The photo, with North West on the left and her friend on the right, shows the children with the straps coming over their shoulders and buckled around their chest.
One person commented: "All I can think about is those car seats... I really hope you were not driving with them buckled in like that."
Further comments included: "Has anyone ever taught you a thing or two about car seat safety?" and "Fix the straps on those babies, come on now".
Jan James, chief of Good Egg Car Safety agreed the straps were too loose but said it's good parents have raised awareness of this issue.
James told HuffPost UK Parents: "It is encouraging that so many concerned parents have picked up on this in the media. The Kardashians live their lives in the media, so they can’t really complain in this instance; especially when it relates to the safety of one of their children.
"Although Good Egg Safety now jointly delivers accredited CPD training for in-car safety, we do not train on seats manufactured in the USA, only European ones so there may be some more issues we are unaware of.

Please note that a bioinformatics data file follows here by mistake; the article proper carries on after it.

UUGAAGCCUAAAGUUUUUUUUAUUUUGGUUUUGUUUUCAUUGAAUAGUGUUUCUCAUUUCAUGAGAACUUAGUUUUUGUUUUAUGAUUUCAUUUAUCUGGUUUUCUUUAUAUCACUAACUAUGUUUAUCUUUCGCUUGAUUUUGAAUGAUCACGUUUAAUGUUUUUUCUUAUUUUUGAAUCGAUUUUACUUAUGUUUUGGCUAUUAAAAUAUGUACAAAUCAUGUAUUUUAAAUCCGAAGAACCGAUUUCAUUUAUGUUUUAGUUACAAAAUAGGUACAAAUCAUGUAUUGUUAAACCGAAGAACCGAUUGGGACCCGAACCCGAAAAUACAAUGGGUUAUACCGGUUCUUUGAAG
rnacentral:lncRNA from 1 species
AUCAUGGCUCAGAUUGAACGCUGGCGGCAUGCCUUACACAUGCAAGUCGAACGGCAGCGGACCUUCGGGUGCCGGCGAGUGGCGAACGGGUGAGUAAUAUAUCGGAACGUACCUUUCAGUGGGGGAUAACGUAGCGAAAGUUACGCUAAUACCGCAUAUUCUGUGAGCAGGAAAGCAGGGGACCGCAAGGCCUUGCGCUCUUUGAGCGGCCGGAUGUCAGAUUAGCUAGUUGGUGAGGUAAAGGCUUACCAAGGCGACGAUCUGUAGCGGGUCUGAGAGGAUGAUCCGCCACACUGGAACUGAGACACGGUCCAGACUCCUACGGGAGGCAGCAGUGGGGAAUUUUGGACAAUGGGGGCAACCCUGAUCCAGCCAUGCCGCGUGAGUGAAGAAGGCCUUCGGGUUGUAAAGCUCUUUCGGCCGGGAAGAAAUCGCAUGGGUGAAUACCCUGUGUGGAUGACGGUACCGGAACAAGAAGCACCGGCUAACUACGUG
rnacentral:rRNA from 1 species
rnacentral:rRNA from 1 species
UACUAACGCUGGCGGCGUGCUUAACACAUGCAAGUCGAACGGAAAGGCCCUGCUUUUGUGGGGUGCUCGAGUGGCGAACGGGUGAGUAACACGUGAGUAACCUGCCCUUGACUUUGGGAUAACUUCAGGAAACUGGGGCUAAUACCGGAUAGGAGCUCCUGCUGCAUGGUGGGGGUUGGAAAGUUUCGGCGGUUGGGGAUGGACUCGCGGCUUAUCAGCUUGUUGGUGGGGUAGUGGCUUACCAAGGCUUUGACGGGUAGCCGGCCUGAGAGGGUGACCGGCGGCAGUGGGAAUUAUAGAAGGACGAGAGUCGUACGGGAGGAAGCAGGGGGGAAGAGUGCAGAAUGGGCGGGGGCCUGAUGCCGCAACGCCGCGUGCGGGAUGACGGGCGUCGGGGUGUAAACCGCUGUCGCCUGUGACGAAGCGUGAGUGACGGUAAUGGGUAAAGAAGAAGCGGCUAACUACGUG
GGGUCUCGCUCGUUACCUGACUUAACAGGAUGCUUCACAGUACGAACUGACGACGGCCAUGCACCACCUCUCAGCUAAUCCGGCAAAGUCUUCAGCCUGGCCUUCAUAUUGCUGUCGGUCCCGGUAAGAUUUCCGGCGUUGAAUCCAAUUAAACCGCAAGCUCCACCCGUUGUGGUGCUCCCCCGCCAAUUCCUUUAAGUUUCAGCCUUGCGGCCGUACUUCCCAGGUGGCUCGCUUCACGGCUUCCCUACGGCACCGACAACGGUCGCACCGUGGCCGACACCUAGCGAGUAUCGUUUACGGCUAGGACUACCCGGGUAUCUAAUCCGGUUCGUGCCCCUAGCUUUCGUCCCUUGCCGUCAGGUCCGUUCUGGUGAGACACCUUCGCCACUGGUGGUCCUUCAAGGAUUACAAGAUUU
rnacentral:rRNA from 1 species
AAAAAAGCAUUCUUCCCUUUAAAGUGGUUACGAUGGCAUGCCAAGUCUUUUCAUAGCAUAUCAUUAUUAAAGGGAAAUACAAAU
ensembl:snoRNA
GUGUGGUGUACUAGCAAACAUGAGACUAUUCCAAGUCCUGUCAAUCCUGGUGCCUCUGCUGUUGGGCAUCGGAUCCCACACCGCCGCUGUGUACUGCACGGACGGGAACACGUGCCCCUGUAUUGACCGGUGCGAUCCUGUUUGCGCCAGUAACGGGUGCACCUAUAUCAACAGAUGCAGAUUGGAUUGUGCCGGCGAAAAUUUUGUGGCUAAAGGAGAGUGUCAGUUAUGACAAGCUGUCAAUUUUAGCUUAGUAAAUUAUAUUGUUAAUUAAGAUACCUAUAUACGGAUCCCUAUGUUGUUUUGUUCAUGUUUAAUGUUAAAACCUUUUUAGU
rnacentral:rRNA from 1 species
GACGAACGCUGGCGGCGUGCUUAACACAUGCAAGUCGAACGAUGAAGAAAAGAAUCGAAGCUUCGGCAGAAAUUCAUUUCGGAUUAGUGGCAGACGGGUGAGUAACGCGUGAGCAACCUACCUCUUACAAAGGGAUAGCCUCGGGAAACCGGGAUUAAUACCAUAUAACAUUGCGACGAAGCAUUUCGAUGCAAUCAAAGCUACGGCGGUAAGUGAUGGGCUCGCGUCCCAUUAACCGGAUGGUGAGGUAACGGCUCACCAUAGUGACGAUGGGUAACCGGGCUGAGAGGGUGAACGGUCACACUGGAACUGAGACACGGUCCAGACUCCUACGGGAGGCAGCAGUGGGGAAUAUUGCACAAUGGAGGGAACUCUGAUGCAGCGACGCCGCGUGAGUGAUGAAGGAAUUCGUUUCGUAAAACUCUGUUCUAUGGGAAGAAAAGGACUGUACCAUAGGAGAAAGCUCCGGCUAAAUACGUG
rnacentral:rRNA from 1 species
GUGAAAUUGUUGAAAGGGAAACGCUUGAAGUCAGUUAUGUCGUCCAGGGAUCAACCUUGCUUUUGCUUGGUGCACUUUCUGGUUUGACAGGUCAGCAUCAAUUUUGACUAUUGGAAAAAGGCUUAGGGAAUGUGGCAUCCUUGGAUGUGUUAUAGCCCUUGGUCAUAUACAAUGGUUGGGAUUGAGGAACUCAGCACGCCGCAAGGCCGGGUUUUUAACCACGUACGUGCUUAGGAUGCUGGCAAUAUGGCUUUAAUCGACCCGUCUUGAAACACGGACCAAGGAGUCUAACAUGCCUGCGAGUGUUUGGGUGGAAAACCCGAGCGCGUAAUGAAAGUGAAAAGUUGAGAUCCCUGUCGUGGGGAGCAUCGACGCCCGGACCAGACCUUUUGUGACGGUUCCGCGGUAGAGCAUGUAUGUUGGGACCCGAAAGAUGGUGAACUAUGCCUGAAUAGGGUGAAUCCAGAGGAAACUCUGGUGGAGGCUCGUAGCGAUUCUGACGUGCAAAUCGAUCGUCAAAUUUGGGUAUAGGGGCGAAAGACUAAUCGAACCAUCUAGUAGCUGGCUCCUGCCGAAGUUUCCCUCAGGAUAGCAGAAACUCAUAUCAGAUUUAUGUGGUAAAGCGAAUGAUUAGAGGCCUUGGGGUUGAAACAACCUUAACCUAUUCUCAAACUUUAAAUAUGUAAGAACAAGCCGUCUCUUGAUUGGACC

"However looking at the picture of the little girl on the right, it is clear that her chest clip is too low and her straps are too loose.
"If people feel that it’s ‘nit picking’ then they should take the time to see what catastrophic injuries can result from a simple loose harness. Every child has the right to be restrained safely and we are really pleased that so many people have responded to this."
James said children having their straps too loose is one of the most common problems for children's injuries in cars.
"If the straps are loose, the seat doesn't act in the way it's designed to in a collision. Even if a parent is doing 30mph, the impact of that is such that a child could be catapulted out," she added.
"I'm sure all the evidence shows Kim Kardashian adores her little girl, so it's great parents have picked it up to raise awareness of something that parents don't often recognise as an issue.
"We're not pointing fingers, we're just saying it isn't safe and it's in children's rights to be protected."